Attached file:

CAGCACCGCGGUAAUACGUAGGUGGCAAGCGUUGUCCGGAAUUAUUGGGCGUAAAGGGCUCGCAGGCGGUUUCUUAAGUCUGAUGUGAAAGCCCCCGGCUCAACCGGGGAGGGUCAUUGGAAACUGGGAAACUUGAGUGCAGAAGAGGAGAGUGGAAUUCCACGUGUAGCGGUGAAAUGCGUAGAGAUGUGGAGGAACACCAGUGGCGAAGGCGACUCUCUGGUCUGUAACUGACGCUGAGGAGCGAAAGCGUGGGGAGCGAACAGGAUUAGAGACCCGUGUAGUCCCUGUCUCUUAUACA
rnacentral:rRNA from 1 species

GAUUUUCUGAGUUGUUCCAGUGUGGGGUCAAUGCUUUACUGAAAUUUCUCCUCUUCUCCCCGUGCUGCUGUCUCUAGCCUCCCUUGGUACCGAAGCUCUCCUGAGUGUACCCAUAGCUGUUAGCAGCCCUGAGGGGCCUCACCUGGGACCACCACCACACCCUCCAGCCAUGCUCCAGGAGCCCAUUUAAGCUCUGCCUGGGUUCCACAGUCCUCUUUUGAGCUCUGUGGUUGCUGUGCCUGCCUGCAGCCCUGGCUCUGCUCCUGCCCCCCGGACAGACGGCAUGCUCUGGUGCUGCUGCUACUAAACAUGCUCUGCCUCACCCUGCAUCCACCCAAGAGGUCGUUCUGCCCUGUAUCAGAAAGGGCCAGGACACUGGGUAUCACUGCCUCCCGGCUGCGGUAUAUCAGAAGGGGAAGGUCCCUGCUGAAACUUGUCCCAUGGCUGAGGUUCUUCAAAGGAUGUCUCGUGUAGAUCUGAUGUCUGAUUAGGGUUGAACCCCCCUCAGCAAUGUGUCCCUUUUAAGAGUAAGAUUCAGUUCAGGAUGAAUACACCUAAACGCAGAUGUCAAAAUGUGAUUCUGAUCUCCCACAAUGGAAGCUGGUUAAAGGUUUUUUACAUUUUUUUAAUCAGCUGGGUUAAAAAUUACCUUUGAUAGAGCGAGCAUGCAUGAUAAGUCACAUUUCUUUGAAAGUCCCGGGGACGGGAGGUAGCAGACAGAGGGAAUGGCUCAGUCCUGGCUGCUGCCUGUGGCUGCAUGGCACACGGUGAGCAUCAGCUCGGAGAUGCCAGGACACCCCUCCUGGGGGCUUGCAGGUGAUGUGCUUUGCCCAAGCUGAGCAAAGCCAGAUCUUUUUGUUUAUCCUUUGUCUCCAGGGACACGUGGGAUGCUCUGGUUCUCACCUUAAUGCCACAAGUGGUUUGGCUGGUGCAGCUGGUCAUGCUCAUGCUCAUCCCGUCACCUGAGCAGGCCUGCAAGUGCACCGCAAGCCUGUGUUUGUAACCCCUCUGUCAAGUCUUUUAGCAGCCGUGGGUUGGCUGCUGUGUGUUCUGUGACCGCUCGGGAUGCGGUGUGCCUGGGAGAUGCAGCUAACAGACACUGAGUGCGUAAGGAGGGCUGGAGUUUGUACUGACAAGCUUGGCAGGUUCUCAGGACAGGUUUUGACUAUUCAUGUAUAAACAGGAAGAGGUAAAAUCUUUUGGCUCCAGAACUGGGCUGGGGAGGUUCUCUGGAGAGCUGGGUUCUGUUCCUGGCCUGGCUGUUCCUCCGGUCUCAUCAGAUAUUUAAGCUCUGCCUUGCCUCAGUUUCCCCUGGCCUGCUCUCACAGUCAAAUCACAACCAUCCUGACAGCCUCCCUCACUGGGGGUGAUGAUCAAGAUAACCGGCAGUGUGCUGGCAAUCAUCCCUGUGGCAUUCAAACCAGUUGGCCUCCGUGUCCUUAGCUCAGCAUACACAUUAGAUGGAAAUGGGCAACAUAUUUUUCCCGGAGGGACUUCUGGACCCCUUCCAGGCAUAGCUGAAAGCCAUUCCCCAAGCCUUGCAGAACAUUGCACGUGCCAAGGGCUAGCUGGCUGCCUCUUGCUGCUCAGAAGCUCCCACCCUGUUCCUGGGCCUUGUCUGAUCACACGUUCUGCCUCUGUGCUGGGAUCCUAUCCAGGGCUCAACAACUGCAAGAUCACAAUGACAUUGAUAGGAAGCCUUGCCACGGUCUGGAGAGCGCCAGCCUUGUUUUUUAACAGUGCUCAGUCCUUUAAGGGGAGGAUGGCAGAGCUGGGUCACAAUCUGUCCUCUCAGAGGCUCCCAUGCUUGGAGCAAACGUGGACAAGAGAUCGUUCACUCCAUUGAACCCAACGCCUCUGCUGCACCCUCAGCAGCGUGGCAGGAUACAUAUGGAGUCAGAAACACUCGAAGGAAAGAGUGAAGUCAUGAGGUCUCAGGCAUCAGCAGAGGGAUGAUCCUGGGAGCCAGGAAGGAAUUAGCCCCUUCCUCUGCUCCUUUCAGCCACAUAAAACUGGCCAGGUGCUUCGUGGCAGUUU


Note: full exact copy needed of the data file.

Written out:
CAGCACCGCGGUAAUACGUAGGUGGCAAGCGUUGUCCGGAAUUAUUGGGCGUAAAGGGCUCGCAGGCGGUUUCUUAAGUCUGAUGUGAAAGCCCCCGGCUCAACCGGGGAGGGUCAUUGGAAACUGGGAAACUUGAGUGCAGAAGAGGAGAGUGGAAUUCCACGUGUAGCGGUGAAAUGCGUAGAGAUGUGGAGGAACACCAGUGGCGAAGGCGACUCUCUGGUCUGUAACUGACGCUGAGGAGCGAAAGCGUGGGGAGCGAACAGGAUUAGAGACCCGUGUAGUCCCUGUCUCUUAUACA
rnacentral:rRNA from 1 species

GAUUUUCUGAGUUGUUCCAGUGUGGGGUCAAUGCUUUACUGAAAUUUCUCCUCUUCUCCCCGUGCUGCUGUCUCUAGCCUCCCUUGGUACCGAAGCUCUCCUGAGUGUACCCAUAGCUGUUAGCAGCCCUGAGGGGCCUCACCUGGGACCACCACCACACCCUCCAGCCAUGCUCCAGGAGCCCAUUUAAGCUCUGCCUGGGUUCCACAGUCCUCUUUUGAGCUCUGUGGUUGCUGUGCCUGCCUGCAGCCCUGGCUCUGCUCCUGCCCCCCGGACAGACGGCAUGCUCUGGUGCUGCUGCUACUAAACAUGCUCUGCCUCACCCUGCAUCCACCCAAGAGGUCGUUCUGCCCUGUAUCAGAAAGGGCCAGGACACUGGGUAUCACUGCCUCCCGGCUGCGGUAUAUCAGAAGGGGAAGGUCCCUGCUGAAACUUGUCCCAUGGCUGAGGUUCUUCAAAGGAUGUCUCGUGUAGAUCUGAUGUCUGAUUAGGGUUGAACCCCCCUCAGCAAUGUGUCCCUUUUAAGAGUAAGAUUCAGUUCAGGAUGAAUACACCUAAACGCAGAUGUCAAAAUGUGAUUCUGAUCUCCCACAAUGGAAGCUGGUUAAAGGUUUUUUACAUUUUUUUAAUCAGCUGGGUUAAAAAUUACCUUUGAUAGAGCGAGCAUGCAUGAUAAGUCACAUUUCUUUGAAAGUCCCGGGGACGGGAGGUAGCAGACAGAGGGAAUGGCUCAGUCCUGGCUGCUGCCUGUGGCUGCAUGGCACACGGUGAGCAUCAGCUCGGAGAUGCCAGGACACCCCUCCUGGGGGCUUGCAGGUGAUGUGCUUUGCCCAAGCUGAGCAAAGCCAGAUCUUUUUGUUUAUCCUUUGUCUCCAGGGACACGUGGGAUGCUCUGGUUCUCACCUUAAUGCCACAAGUGGUUUGGCUGGUGCAGCUGGUCAUGCUCAUGCUCAUCCCGUCACCUGAGCAGGCCUGCAAGUGCACCGCAAGCCUGUGUUUGUAACCCCUCUGUCAAGUCUUUUAGCAGCCGUGGGUUGGCUGCUGUGUGUUCUGUGACCGCUCGGGAUGCGGUGUGCCUGGGAGAUGCAGCUAACAGACACUGAGUGCGUAAGGAGGGCUGGAGUUUGUACUGACAAGCUUGGCAGGUUCUCAGGACAGGUUUUGACUAUUCAUGUAUAAACAGGAAGAGGUAAAAUCUUUUGGCUCCAGAACUGGGCUGGGGAGGUUCUCUGGAGAGCUGGGUUCUGUUCCUGGCCUGGCUGUUCCUCCGGUCUCAUCAGAUAUUUAAGCUCUGCCUUGCCUCAGUUUCCCCUGGCCUGCUCUCACAGUCAAAUCACAACCAUCCUGACAGCCUCCCUCACUGGGGGUGAUGAUCAAGAUAACCGGCAGUGUGCUGGCAAUCAUCCCUGUGGCAUUCAAACCAGUUGGCCUCCGUGUCCUUAGCUCAGCAUACACAUUAGAUGGAAAUGGGCAACAUAUUUUUCCCGGAGGGACUUCUGGACCCCUUCCAGGCAUAGCUGAAAGCCAUUCCCCAAGCCUUGCAGAACAUUGCACGUGCCAAGGGCUAGCUGGCUGCCUCUUGCUGCUCAGAAGCUCCCACCCUGUUCCUGGGCCUUGUCUGAUCACACGUUCUGCCUCUGUGCUGGGAUCCUAUCCAGGGCUCAACAACUGCAAGAUCACAAUGACAUUGAUAGGAAGCCUUGCCACGGUCUGGAGAGCGCCAGCCUUGUUUUUUAACAGUGCUCAGUCCUUUAAGGGGAGGAUGGCAGAGCUGGGUCACAAUCUGUCCUCUCAGAGGCUCCCAUGCUUGGAGCAAACGUGGACAAGAGAUCGUUCACUCCAUUGAACCCAACGCCUCUGCUGCACCCUCAGCAGCGUGGCAGGAUACAUAUGGAGUCAGAAACACUCGAAGGAAAGAGUGAAGUCAUGAGGUCUCAGGCAUCAGCAGAGGGAUGAUCCUGGGAGCCAGGAAGGAAUUAGCCCCUUCCUCUGCUCCUUUCAGCCACAUAAAACUGGCCAGGUGCUUCGUGGCAGUUU